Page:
This week, CBS’ 60 Minutes reported that FDA has just granted “breakthrough status” for an innovative treatment for glioblastoma brain cancer that was first reported by 60 Minutes on March 29, 2015.
Brittany Maynard had glioblastoma and died by physician-assisted suicide on November 1, 2014, just 5 months before the original TV segment aired.
Brittany Maynard was a young newlywed who, with enormous media publicity and the support of the pro physician-assisted suicide group Compassion and Choices, announced her intention to commit assisted suicide. She asked for donations to the Brittany Maynard Foundation to raise money to help Compassion and Choices fight for legalization of physician-assisted suicide throughout the US.
Using Brittany’s story and foundation, Compassion and Choices was finally successful after years of failed attempts to get a physician-assisted suicide law passed in California.
Did Brittany, her doctors, or Compassion and Choices know about the promising clinical trials for glioblastoma reported by 60 Minutes before Brittany took her life with a physician ordered lethal overdose?
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Although reported medical breakthroughs are frequent and often over-hyped or prove disappointing, information is available at ClinicalTrials.gov, a registry and results database of publicly and privately supported clinical studies of human participants conducted around the world. This service was developed by the National Institutes of Health and the Food and Drug Administration and made available to the public in February 2000.
The Decision to Forego Treatment
According to Brittany’s own words:
After months of research, my family and I reached a heartbreaking conclusion: There is no treatment that would save my life, and the recommended treatments would have destroyed the time I had left…
I probably would have suffered in hospice care for weeks or even months. And my family would have had to watch that.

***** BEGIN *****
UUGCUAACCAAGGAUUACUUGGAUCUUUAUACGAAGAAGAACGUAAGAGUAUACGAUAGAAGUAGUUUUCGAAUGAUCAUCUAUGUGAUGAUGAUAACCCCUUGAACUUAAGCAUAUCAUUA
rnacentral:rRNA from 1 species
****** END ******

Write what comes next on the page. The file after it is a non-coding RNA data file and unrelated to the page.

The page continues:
No one is ethically obligated to try any experimental or unduly burdensome treatment for such conditions but many people do so not only for a possible cure but also to potentially gain more time or to advance medical research. I saw this when I was an oncology nurse and also in my personal life.
For example, a few years ago, a friend developed a usually terminal lung cancer and agreed to try an unusual and massive combination of chemotherapy and radiation. As explained by her doctors, the side effects were very tough on her but today she is happy, active and enjoying her life and her grandchildren. Her cancer continues to be in remission. Success stories like this were unimaginable when I first became a nurse.
But while treatment of a serious or terminal condition can be a personal choice, killing oneself–with or without medical assistance–must not be treated as just another valid treatment “option.”
Hard Cases Make Bad Law
“Hard cases make bad law” is an old legal adage that means that an extreme case is a poor basis for a general law that would cover a wider range of less extreme cases. This is particularly true when it comes to physician-assisted suicide where the slippery slope expanding the pool of potential victims has become a superhighway.
I also remember when AIDS, not glioblastoma, was the “hard case” used to justify physician-assisted suicide in the 1990s because it was also considered terminal.
But by 1998, the CDC [Centers for Disease Control] issued the first national treatment guidelines for the use of antiretroviral therapy in adults and adolescents with HIV Today, AIDS is no longer considered an automatic death sentence and those with AIDS can even achieve normal lifespans.
But how many despairing people in the 1990s resorted to suicide, assisted or not, when the treatment for AIDS was so close?
Hope can be life-enhancing as well as life-saving.
Sadly, as one brain tumor expert poignantly wrote, Brittany Maynard’s “suicide was a blow to fellow brain tumor patients who were living in hope.”
LifeNews Note: Nancy Valko, RN, ALNC, is a longtime writer and speaker on medical ethics issues who recently retired from critical care nursing to devote more time to consulting and volunteer work. She is also a spokesperson for the National Association of Pro Life Nurses.